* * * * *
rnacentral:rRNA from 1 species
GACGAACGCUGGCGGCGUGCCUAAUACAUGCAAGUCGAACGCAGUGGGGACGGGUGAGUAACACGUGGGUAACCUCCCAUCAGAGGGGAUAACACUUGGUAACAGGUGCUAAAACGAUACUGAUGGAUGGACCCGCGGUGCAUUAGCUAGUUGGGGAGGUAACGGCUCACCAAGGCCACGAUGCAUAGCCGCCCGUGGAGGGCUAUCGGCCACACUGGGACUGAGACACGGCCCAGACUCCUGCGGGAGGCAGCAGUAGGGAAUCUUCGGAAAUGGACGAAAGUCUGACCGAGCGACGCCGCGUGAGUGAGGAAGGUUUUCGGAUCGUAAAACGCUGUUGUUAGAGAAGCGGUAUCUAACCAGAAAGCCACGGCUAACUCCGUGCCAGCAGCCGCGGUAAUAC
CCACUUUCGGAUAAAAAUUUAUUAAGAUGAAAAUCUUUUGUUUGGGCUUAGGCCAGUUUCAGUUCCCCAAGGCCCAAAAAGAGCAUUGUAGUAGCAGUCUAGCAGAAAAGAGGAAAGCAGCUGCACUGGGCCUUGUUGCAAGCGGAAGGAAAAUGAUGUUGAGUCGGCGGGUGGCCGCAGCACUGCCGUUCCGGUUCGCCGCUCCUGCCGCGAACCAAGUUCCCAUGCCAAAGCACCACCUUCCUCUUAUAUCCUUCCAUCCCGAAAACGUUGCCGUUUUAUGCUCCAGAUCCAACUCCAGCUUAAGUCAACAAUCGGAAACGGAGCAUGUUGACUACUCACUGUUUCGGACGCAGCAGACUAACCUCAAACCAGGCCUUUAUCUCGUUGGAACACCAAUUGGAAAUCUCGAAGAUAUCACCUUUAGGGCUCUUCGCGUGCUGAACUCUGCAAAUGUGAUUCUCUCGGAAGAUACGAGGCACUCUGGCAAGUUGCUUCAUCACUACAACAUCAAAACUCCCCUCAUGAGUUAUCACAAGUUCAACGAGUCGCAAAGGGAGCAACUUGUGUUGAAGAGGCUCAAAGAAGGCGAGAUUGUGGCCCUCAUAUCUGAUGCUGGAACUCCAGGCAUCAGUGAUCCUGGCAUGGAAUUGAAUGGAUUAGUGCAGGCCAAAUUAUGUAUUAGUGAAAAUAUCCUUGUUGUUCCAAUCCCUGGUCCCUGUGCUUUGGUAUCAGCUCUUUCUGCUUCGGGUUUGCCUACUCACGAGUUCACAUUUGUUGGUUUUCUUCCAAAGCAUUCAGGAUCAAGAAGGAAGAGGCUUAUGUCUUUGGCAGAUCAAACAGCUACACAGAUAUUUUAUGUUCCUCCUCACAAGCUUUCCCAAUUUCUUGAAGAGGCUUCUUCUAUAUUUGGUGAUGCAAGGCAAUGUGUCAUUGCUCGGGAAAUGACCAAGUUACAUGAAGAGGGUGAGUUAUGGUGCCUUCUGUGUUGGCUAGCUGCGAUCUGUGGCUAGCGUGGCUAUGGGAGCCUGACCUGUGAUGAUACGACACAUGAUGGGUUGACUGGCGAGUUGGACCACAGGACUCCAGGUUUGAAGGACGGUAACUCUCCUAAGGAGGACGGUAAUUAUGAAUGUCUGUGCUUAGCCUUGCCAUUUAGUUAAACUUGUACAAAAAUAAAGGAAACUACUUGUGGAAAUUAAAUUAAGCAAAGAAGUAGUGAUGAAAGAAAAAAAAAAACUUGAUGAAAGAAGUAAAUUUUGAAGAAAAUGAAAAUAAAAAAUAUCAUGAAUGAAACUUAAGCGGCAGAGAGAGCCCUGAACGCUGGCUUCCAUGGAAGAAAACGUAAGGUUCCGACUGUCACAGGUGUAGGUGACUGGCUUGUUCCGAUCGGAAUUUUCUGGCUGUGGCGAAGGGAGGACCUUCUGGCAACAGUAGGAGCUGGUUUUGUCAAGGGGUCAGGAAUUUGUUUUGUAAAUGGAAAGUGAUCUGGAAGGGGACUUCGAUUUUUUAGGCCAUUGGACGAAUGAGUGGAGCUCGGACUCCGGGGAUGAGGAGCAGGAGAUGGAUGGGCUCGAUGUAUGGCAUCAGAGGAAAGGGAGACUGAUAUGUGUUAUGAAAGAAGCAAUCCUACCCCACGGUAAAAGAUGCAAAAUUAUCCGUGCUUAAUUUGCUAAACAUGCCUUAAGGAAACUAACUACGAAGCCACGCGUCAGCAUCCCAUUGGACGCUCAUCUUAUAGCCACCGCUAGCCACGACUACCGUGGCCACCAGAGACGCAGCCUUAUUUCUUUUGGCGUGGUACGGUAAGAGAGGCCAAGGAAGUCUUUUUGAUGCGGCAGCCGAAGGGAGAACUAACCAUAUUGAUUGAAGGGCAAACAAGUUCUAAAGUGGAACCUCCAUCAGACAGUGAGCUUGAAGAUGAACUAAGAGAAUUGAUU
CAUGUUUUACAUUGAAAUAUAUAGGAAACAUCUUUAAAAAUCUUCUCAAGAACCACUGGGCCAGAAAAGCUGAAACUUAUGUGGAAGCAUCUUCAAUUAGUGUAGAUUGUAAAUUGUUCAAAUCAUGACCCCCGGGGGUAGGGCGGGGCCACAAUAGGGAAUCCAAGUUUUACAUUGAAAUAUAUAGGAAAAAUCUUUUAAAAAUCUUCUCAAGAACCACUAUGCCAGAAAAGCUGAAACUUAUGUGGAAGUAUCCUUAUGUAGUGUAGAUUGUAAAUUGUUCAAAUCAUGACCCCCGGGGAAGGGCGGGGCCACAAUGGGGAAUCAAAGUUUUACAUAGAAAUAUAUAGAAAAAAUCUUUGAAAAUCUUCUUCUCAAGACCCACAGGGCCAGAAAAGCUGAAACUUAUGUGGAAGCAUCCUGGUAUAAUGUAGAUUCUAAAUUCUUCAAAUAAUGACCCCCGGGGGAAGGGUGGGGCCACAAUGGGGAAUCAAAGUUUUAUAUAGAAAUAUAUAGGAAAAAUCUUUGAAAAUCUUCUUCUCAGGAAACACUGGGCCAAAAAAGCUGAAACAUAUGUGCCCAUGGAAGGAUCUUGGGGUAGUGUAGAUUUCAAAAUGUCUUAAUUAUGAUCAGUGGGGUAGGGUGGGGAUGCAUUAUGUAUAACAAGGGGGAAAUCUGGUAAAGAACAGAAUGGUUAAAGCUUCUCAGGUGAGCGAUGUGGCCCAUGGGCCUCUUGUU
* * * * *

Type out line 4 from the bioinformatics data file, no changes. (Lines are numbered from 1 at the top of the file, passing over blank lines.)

CAUGUUUUACAUUGAAAUAUAUAGGAAACAUCUUUAAAAAUCUUCUCAAGAACCACUGGGCCAGAAAAGCUGAAACUUAUGUGGAAGCAUCUUCAAUUAGUGUAGAUUGUAAAUUGUUCAAAUCAUGACCCCCGGGGGUAGGGCGGGGCCACAAUAGGGAAUCCAAGUUUUACAUUGAAAUAUAUAGGAAAAAUCUUUUAAAAAUCUUCUCAAGAACCACUAUGCCAGAAAAGCUGAAACUUAUGUGGAAGUAUCCUUAUGUAGUGUAGAUUGUAAAUUGUUCAAAUCAUGACCCCCGGGGAAGGGCGGGGCCACAAUGGGGAAUCAAAGUUUUACAUAGAAAUAUAUAGAAAAAAUCUUUGAAAAUCUUCUUCUCAAGACCCACAGGGCCAGAAAAGCUGAAACUUAUGUGGAAGCAUCCUGGUAUAAUGUAGAUUCUAAAUUCUUCAAAUAAUGACCCCCGGGGGAAGGGUGGGGCCACAAUGGGGAAUCAAAGUUUUAUAUAGAAAUAUAUAGGAAAAAUCUUUGAAAAUCUUCUUCUCAGGAAACACUGGGCCAAAAAAGCUGAAACAUAUGUGCCCAUGGAAGGAUCUUGGGGUAGUGUAGAUUUCAAAAUGUCUUAAUUAUGAUCAGUGGGGUAGGGUGGGGAUGCAUUAUGUAUAACAAGGGGGAAAUCUGGUAAAGAACAGAAUGGUUAAAGCUUCUCAGGUGAGCGAUGUGGCCCAUGGGCCUCUUGUU